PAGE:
Former hockey captain Zafar Iqbal thinks it won’t be easy for India to win back the men’s World Cup after 47 years as the hosts are clubbed along with Spain, England and Wales in a tough group. The mega event will take place from January 13 to 29 in Bhubaneswar and Rourkela.
India’s only gold at the World Cup was at the 1975 edition of Kuala Lumpur under the captaincy of Ajit Pal Singh. Zafar said it would be a great achievement for the hosts to finish on the podium after taking bronze at the Tokyo Olympics. Australia, Belgium, Netherlands, India, Argentina, Germany, New Zealand, England, France, Korea, Malaysia, Spain, South Africa, Japan, Chile and Wales are the 16 teams that will compete for the title.
India are the top-ranked team in Pool D in fifth place, ahead of World No. 6 England, No. 8 Spain and No. 15 Wales.
“In world level competition you never know who will be in top form. Several teams are very strong, such as Belgium, Netherlands, Australia, England, Spain and India,” Zafar said in an issue of Hockey India.
“We have tough matches in the group stage. We have Spain, England and Wales, and they are all equally strong in their own way. I am sure if India finishes on the podium it will be a great achievement.
“We have several brave players in the team, who always gave their best and who were the heroes of the Olympic Games in Tokyo. So we hope they can repeat the success one more time,” he added.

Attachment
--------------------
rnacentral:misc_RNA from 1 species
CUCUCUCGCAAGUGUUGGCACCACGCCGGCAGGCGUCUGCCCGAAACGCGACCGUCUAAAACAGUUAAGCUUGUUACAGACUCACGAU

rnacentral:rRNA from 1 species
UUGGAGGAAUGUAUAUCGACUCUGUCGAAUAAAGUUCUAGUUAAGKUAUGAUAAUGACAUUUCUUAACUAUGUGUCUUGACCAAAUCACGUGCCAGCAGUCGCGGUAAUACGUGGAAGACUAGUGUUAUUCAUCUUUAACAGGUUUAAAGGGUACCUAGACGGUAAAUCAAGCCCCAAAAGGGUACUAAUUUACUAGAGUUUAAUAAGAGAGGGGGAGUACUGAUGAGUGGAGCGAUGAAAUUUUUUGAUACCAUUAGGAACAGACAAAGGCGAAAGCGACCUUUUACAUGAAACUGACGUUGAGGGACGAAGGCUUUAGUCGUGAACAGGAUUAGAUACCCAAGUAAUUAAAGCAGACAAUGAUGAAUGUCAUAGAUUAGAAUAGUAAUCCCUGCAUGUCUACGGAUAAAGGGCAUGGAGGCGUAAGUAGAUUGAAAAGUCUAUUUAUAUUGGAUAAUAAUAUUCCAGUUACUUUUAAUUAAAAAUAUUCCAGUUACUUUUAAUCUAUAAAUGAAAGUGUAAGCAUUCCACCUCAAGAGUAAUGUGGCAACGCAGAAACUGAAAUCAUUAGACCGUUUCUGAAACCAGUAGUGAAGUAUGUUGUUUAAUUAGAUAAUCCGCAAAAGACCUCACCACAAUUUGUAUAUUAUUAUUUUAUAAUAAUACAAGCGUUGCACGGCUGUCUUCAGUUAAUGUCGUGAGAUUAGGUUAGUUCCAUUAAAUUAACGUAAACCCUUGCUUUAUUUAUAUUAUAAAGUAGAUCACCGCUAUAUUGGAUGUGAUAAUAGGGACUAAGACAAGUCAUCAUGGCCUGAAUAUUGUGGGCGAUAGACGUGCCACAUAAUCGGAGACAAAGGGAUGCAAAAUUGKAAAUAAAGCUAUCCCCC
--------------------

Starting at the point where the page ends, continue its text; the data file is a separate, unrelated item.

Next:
Zafar, a member of India’s team that won gold medals at the 1980 Moscow Olympics, said the ongoing FIFA World Cup is an example that any team can cause a stir at a major sporting event.
“Former world champions Spain, Germany and Brazil have all been eliminated from the World Cup. You never know which team can beat which team in such tournaments. It is always unpredictable and the 2023 Men’s Hockey World Cup is also unpredictable.” he said.
Zafar, who also competed in the 1982 Men’s World Cup in Mumbai, said that artificial turf has completely changed the game and that modern hockey is all about power.
“In our time hockey was played on grass. But artificial turf began to replace grass in most parts of the world when the 1980s arrived. Although the 1982 World Cup was played at home on grass, we were unable to perform (at) our best and we were unable to qualify for the semi-finals,” he said.
“Now synthetic turf has turned hockey into a power game. The players need to get fitter and need more energy. We had to adapt to the European style of offensive hockey.